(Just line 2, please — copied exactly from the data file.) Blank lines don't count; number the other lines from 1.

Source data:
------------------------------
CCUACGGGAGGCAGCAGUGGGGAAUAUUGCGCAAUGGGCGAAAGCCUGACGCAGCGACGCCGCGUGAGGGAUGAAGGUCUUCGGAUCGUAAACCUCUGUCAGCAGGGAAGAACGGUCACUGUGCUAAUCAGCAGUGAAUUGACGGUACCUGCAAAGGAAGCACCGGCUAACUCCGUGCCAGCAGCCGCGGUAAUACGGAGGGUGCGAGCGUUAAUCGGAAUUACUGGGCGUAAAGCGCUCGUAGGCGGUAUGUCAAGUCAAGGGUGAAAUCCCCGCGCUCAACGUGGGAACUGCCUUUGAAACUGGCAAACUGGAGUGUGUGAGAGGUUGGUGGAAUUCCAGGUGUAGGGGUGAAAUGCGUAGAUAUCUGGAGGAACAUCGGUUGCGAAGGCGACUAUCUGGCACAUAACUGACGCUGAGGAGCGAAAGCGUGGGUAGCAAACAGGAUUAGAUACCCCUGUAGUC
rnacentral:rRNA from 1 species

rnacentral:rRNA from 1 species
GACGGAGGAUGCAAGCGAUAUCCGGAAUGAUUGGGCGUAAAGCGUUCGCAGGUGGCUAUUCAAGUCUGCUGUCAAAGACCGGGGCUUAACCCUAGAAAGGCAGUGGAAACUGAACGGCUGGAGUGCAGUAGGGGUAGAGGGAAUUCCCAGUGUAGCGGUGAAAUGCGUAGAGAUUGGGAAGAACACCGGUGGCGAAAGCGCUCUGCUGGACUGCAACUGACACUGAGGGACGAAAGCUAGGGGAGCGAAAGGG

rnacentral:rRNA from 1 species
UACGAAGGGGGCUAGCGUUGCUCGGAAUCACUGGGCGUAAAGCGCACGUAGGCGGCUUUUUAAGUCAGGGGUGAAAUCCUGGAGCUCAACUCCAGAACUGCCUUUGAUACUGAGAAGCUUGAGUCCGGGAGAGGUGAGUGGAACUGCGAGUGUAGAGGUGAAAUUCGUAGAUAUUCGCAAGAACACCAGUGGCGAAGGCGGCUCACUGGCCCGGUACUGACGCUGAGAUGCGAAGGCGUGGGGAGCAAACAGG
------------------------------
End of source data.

rnacentral:rRNA from 1 species